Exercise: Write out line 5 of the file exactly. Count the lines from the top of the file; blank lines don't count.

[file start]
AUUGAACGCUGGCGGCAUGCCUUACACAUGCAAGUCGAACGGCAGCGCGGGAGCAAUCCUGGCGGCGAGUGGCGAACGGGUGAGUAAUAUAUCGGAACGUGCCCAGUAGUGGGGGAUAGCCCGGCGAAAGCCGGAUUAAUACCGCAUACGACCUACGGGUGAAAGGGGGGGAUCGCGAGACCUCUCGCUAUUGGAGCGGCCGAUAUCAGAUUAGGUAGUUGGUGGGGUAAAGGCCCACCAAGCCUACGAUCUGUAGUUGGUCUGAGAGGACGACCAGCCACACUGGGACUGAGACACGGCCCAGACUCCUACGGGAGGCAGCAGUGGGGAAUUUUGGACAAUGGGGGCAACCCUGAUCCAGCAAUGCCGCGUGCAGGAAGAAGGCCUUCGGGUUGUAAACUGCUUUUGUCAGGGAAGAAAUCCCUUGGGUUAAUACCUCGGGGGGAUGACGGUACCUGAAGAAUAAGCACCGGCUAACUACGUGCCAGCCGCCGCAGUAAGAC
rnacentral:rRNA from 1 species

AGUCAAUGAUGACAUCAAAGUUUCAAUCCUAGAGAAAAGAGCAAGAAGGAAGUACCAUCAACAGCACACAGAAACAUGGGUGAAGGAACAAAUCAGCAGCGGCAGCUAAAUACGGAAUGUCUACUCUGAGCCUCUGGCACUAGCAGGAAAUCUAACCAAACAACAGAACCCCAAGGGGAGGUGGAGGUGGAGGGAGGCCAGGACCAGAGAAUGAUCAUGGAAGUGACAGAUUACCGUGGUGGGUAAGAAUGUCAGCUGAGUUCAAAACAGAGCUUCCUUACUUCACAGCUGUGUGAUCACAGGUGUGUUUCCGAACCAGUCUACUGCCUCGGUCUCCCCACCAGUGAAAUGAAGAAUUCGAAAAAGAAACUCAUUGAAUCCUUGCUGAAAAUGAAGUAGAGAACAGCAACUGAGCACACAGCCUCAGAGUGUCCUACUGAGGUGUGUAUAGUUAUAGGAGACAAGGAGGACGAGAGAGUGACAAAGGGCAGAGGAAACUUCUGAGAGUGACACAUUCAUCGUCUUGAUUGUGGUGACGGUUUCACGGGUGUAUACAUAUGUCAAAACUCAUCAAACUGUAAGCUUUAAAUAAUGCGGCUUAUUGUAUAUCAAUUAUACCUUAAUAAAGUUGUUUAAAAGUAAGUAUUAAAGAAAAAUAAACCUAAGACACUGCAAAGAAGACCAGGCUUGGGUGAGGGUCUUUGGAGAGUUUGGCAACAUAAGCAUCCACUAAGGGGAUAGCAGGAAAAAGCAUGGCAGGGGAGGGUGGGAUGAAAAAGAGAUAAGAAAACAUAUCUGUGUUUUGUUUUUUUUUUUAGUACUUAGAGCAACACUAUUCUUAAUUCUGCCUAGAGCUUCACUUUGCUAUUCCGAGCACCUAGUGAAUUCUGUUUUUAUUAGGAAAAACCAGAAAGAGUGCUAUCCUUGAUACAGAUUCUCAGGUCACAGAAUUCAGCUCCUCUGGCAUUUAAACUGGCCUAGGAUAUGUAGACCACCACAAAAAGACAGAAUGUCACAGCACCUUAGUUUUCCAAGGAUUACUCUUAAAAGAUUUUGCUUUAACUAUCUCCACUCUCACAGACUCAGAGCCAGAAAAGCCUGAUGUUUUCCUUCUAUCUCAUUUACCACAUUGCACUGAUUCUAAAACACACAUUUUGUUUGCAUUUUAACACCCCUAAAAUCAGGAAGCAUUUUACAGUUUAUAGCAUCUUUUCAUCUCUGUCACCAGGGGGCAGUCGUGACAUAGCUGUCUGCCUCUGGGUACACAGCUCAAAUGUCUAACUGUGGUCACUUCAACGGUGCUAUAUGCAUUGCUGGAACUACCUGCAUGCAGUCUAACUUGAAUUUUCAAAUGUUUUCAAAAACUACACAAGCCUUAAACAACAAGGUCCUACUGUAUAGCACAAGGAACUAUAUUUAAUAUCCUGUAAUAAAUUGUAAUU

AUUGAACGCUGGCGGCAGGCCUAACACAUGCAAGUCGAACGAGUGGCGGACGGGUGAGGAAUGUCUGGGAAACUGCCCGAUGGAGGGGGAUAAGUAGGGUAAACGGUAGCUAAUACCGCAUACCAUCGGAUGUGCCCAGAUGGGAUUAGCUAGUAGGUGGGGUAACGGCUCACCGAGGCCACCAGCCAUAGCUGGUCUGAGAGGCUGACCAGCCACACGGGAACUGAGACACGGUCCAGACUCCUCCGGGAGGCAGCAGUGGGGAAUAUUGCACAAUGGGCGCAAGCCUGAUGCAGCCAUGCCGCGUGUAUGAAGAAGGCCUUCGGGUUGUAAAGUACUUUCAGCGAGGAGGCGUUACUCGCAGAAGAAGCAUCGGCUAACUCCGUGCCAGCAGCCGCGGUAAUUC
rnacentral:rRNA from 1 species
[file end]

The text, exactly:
rnacentral:rRNA from 1 species